November 20, 2021
Robert, my lovely 95-year-old neighbor, told me a few weeks ago that the oak tree on his property along our shared driveway was going to come down. Its two trunks, you see, are bowing over the driveway, bending lower and lower with the passage of time, reaching for light. It’s a hazard, apparently, for trucks: dump trucks pouring gravel, delivery trucks, utility trucks, emergency vehicles; even orange SUVs when the branches are laden with snow. To say nothing of the damage it would do if, weighted with snow or ice, it suddenly completed its journey to the ground.
Then he told me my father planted it.
This old property holds so much history, much of it in trees. And Robert holds the history of it after I left home. He told me this week, as we stood examining the pile of firewood that used to be an oak tree, that the boards for the new fence around my meadow were cut from a tree that fell behind the barn. The new fence my father died of a heart attack while building with his grandson twenty-six years ago.
My parents built the house in 1960 after my father climbed a big leaf maple and saw the view of the valley and Mt. St. Helens. “This is it,” he’s said to have declared.
That maple tree grew above the roof line over the years, and my sisters and I raked the enormous ten-inch leaves each autumn. Acer macrophyllum, it’s “the king of the northwest woodland,” I read on Google. They grow faster than the conifers, but die sooner, leaving the conifers to triumph in the end. And because of their fast growth, they can be brittle and break when exposed to much wind. They fall in the forest by the house every winter, sometimes breaking out, sometimes toppling from the root ball.
My family loved that tree. Although there is another beside the house and one below at the edge of the property, it was the one that inspired the purchase of the land that had our heart. Its double trunks were cabled together to keep it from splitting, to keep it with us as long as possible. I climbed it to hide in its foliage and read undisturbed. It was home to flying squirrels that my dad fed, keeping the hand-crafted log feeder stocked with peanut butter via his ingenious pulley system.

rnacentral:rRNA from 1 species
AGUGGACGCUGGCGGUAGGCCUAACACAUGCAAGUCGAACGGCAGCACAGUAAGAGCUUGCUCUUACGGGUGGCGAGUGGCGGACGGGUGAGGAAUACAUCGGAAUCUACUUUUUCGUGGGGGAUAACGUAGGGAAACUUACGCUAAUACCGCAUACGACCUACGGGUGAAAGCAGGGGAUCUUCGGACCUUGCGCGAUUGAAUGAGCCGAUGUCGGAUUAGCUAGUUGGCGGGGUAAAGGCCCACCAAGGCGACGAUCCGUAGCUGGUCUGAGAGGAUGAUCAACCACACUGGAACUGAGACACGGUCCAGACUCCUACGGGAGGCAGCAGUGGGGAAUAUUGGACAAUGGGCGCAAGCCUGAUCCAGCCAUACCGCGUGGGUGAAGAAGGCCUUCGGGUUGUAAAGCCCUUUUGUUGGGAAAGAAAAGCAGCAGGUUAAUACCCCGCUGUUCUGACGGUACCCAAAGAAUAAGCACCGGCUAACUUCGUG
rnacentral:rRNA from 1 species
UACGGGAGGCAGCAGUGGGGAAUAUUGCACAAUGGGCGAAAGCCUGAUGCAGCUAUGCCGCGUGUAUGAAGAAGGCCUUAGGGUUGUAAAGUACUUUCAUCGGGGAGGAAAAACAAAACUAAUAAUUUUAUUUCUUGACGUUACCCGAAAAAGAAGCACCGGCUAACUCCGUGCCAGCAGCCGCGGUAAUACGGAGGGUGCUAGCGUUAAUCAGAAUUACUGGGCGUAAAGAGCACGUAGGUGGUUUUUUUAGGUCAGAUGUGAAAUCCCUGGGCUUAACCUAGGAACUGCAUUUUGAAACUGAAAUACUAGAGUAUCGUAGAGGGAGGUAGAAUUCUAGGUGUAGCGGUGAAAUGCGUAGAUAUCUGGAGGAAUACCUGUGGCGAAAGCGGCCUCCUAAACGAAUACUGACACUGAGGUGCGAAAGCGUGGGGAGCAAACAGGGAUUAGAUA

My mother finally was forced to have it removed several years ago when it was mostly diseased and dying, and too close to the house for comfort. I had a dead one removed in meadow after my move back here. The two visible from my living room have many dead limbs. I am just trusting when the branches break out of the one hugging the house, they will fall down hill.
The maple trees are older than I am, but my father planted oak and birch and dogwood and apple trees. And a magnolia for my southern mother, that has one bloom a year. And three noble firs by the driveway that he worried about one December because they were perfect Christmas trees for poachers.
The unidentified tree my father planted at the edge of the meadow is thriving after I cut down the pin oak next to it that grew horizontal, seeking light, like the driveway oak, and crowding the mystery tree. It was growing lopsided and straight out from the top. Cutting out the scraggly leader encouraged sideways growth, and it’s filling in nicely.
He planted Douglas firs (Pseudotsuga menziesii, one of the few Latin names I know, and that it’s not a true fir—or pine, spruce, or hemlock—but really fun to say) at the end of the meadow, what used to be a horse pasture. A whole grove of them. And then he left the earth and they had to fend for themselves without him here to manage them: too close together, not enough light, not enough root. In her 80s and 90s, my mother attended to the trees near the house, but couldn’t pay attention to everything. I had forty of them cut out, but still they die and fall over in the winter, or I push them over.
I see now, writing this, I am following in my mother’s steps after her beloved died and left her to it, managing the trees for good health, theirs and mine. I hope both of them would be proud that I’m doing my best to carry on the tree-loving legacy they left behind.
I heard the chainsaw the morning the oak was removed and walked up to watch. I didn’t think I would be sad, but as the branches were lowered to the ground and fed to the voracious chipper, my heart hurt, thinking of my father and his love of trees. Missing him. The endless march of time. No going back. I stood in the rain and shed some tears.
Trees come and go. The oak was next to a cherry tree my younger self plucked from when walking out the driveway. Long gone. The cherry was at the edge of what was, back then, our neighbor’s horse pasture and is now full of huge trees. The land adjacent to this property was clearcut some thirty years ago. I know it broke my mother’s heart, I don’t know how she survived it. She put her grief into action and led a campaign to save the rest of the trees on the hill, resulting in Seminary Hill Natural Area, preserved in perpetuity. And the clearcut area? The trees are back; not the huge conifers, but it’s my favorite place to walk.
Had my parents not kept this property until they too left the earth, had I not returned here, I would not be witness to this history, this passage of time. I age and change, and so does the earth. We help one another stay healthy, until there is no more helping and we pass on to another realm, the dead trees nurturing new growth, the dead humans leaving their mark—hopefully for good—on the next generations.